India's economic policymaking has been hampered by personnel problems.
Nirmala Sitharaman’s rise from salesperson at Habitat, to analyst at PwC, to India’s first full-timefemale finance minister is a story of grit and conviction. The 59-year-old second-term member of Parliament’s upper house is moving up from a role in Prime Minister Narendra Modi’s first government as the nation’s second female defense minister (after Indira Gandhi).
She’ll need all the grit she can muster.
After his landslide win in this year’s lower-house elections, her boss was immediately thrown into a search for a new finance chief. Arun Jaitley, who served during Modi’s first term, opted out due to health reasons. Sitharaman must find a way to pull India’s economy out of a slump, restore GDP growth beyond 8%, tackle joblessness and counter trade pressures brought by US President Donald Trump. And those are just the biggest headline challenges.
Born into a middle-class family in the southern state of Tamil Nadu, Sitharaman acquired a reputation for hard work as she climbed the ranks of the right-wing, ultranationalist ruling coalition, the National Democratic Alliance (NDA), rising to become chief spokesperson of the NDA’s dominant member, the Bharatiya Janata Party.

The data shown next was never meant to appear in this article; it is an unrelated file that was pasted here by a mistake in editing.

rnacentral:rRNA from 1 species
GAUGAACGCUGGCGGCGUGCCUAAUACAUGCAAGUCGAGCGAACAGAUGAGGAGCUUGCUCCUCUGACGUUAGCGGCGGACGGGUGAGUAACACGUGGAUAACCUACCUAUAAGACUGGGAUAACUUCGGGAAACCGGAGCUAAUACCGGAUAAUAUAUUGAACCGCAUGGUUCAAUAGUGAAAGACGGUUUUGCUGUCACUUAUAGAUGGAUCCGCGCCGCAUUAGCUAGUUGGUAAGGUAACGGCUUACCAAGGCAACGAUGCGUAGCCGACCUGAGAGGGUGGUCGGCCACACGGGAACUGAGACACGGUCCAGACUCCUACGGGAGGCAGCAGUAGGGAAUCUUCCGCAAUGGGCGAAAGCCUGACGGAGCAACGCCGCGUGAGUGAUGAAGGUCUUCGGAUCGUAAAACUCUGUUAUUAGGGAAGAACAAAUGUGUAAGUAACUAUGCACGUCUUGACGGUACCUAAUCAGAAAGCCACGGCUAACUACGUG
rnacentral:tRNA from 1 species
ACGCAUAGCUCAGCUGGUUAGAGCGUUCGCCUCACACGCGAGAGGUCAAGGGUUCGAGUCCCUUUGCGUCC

Now she’s charged, despite a lack of political consensus, with implementing market-oriented economic reforms over the next five years, including labor-market restructuring and opening up the land market to private domestic and foreign investors. But her priority has been identified as selling off government holdings in key blue-chip, state-run enterprises and large public-sector banks. At the same time, Sitharaman is expected to devise a plan to pull more than 660 million people out of rural and agrarian economies while pursuing financial-sector and market reforms to please global investors.